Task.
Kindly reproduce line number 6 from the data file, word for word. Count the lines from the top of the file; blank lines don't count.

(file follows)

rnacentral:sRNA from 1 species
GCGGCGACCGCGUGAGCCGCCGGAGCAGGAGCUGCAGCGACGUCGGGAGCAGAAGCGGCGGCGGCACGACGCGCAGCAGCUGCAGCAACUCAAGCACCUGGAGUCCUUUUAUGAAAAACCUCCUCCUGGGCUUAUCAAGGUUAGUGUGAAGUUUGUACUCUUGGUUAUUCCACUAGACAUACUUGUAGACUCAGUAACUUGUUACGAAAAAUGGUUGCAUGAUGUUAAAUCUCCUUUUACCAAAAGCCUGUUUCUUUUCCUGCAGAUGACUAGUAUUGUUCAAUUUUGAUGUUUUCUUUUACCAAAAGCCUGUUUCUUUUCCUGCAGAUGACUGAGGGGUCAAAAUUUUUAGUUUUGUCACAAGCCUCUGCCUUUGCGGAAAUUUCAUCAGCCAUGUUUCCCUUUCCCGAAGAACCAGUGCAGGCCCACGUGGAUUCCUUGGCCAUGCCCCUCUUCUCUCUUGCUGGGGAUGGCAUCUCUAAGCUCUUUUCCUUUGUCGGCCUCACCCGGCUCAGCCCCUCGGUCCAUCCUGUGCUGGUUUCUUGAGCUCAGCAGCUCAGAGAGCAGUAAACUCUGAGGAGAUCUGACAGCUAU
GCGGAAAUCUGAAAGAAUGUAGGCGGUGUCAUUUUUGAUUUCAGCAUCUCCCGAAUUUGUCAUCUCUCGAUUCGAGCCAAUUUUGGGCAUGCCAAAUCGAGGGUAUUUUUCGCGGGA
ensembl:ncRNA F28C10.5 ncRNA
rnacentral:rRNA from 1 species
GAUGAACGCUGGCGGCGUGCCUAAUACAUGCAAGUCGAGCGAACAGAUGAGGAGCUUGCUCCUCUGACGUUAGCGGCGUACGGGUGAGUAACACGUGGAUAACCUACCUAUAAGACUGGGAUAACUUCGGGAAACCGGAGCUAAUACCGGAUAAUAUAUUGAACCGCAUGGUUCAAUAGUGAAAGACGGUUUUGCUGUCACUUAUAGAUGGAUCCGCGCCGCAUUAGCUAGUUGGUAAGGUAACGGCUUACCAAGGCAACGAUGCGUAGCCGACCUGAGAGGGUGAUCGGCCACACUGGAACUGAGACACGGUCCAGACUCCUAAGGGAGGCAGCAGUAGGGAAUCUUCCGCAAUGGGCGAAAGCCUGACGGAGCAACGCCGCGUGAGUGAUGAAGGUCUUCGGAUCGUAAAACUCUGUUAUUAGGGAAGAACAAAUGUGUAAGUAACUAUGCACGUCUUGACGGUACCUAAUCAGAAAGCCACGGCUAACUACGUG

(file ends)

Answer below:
GAUGAACGCUGGCGGCGUGCCUAAUACAUGCAAGUCGAGCGAACAGAUGAGGAGCUUGCUCCUCUGACGUUAGCGGCGUACGGGUGAGUAACACGUGGAUAACCUACCUAUAAGACUGGGAUAACUUCGGGAAACCGGAGCUAAUACCGGAUAAUAUAUUGAACCGCAUGGUUCAAUAGUGAAAGACGGUUUUGCUGUCACUUAUAGAUGGAUCCGCGCCGCAUUAGCUAGUUGGUAAGGUAACGGCUUACCAAGGCAACGAUGCGUAGCCGACCUGAGAGGGUGAUCGGCCACACUGGAACUGAGACACGGUCCAGACUCCUAAGGGAGGCAGCAGUAGGGAAUCUUCCGCAAUGGGCGAAAGCCUGACGGAGCAACGCCGCGUGAGUGAUGAAGGUCUUCGGAUCGUAAAACUCUGUUAUUAGGGAAGAACAAAUGUGUAAGUAACUAUGCACGUCUUGACGGUACCUAAUCAGAAAGCCACGGCUAACUACGUG